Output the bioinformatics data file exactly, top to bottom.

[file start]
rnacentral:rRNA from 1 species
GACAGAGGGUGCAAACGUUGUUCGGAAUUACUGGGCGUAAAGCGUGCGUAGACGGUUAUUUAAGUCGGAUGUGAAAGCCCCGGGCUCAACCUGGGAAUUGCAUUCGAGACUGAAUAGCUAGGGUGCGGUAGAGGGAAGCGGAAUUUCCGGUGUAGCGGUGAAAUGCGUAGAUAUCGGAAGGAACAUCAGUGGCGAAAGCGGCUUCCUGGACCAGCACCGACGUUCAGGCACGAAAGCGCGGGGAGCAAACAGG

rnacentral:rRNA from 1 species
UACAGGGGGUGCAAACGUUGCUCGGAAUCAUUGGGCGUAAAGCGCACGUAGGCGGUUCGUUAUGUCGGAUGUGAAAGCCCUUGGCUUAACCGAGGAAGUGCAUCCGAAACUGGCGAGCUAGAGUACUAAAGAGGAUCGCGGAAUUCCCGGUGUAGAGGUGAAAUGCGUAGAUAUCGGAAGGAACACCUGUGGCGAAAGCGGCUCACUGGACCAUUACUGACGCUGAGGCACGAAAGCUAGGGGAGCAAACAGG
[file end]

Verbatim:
rnacentral:rRNA from 1 species
GACAGAGGGUGCAAACGUUGUUCGGAAUUACUGGGCGUAAAGCGUGCGUAGACGGUUAUUUAAGUCGGAUGUGAAAGCCCCGGGCUCAACCUGGGAAUUGCAUUCGAGACUGAAUAGCUAGGGUGCGGUAGAGGGAAGCGGAAUUUCCGGUGUAGCGGUGAAAUGCGUAGAUAUCGGAAGGAACAUCAGUGGCGAAAGCGGCUUCCUGGACCAGCACCGACGUUCAGGCACGAAAGCGCGGGGAGCAAACAGG

rnacentral:rRNA from 1 species
UACAGGGGGUGCAAACGUUGCUCGGAAUCAUUGGGCGUAAAGCGCACGUAGGCGGUUCGUUAUGUCGGAUGUGAAAGCCCUUGGCUUAACCGAGGAAGUGCAUCCGAAACUGGCGAGCUAGAGUACUAAAGAGGAUCGCGGAAUUCCCGGUGUAGAGGUGAAAUGCGUAGAUAUCGGAAGGAACACCUGUGGCGAAAGCGGCUCACUGGACCAUUACUGACGCUGAGGCACGAAAGCUAGGGGAGCAAACAGG